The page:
clock menu more-arrow no yes

Filed under:

MLB’s plan rests on Arizona, and that simply isn’t feasible

New, 42 comments

It seems that baseball’s only path to resumption is through Arizona. It also seems entirely unrealistic.

Los Angeles Dodgers vs. San Francisco Giants Photo by Adam Glanzman/MLB Photos via Getty Images

The coronavirus has put the MLB season on hold, and it seems there are two things we all can agree on:

  1. Baseball isn’t coming back anytime soon.
  2. MLB is determined to make it look like baseball might come back soon.

Those things might be conflicting, but they also might not be conflicting. We’ve heard a million and one proposals for a return to baseball, with each falling somewhere on the scale between “Dana White delusion” and “extreme posturing.”

Perhaps Rob Manfred and Co. actually believe they can start the MLB season soon. Or perhaps they think there’s no chance, but figure that by dangling the carrot in front of the consumer’s nose, they can look as good as possible for as long as possible while making as much revenue as possible.

We may never know. What we do know, is that MLB’s current plan — if you can call it that — rests firmly on the shoulders of Arizona.

Here’s ESPN’s Jeff Passon, on the ESPN show Get Up, with the latest:

One part of Passan’s reporting stood out the strongest:

“There’s of course the Arizona plan. There’s one in Arizona and Florida, which is much less viable, both politically and functionally. And there was, as [ESPN’s] Tim Kurkjian said a couple weeks ago, this thought that maybe we could just export baseball to Japan — I don’t think that one’s going to be happening. When it’s all said and done, it seems like it’s going to be Arizona or bust for Major League Baseball.”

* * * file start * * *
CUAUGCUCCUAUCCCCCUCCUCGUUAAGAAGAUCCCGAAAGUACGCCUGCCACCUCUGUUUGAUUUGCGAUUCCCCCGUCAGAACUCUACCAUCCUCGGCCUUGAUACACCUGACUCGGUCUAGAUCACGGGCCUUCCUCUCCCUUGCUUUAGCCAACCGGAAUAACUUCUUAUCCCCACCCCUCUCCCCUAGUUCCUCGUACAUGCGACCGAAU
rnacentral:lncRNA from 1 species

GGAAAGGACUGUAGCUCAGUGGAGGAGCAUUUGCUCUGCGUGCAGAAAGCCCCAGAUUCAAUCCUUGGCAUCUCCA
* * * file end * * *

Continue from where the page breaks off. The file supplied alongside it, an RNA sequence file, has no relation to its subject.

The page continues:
There are, of course, a few million obstacles. So far the focus has been on whether such a plan is safe, responsible, and able to clear political hurdles.

But there’s also the itty bitty little road bump of trying to quarantine a few hundred baseball players in one state for four months, away from their spouses, children, and other loved ones.

One of baseball’s most notable and respected ambassadors, Los Angeles Dodgers pitcher Clayton Kershaw, already made that stance clear.

“I’m not going to be away from my family and not see them for four and a half months,” Kershaw told SportsNet LA, as transcribed by True Blue LA. “I just talked about [his three-month old son] Cooper changes so much in one week, so to miss four months of his life right now, I’m just not going to do it.”

Kershaw doesn’t speak for all MLB players, and perhaps those whose career earnings are in six figures rather than nine figures might see things a little differently. But it’s a concern that would be echoed nearly unanimously, and I suspect a huge number of players share Kershaw’s strict stance.

That is exceedingly understandable, and highlights not only why MLB’s plans aren’t feasible, but also why they were silly to ever be brought up.

It’s not going to happen. Not like this, and not for a long time.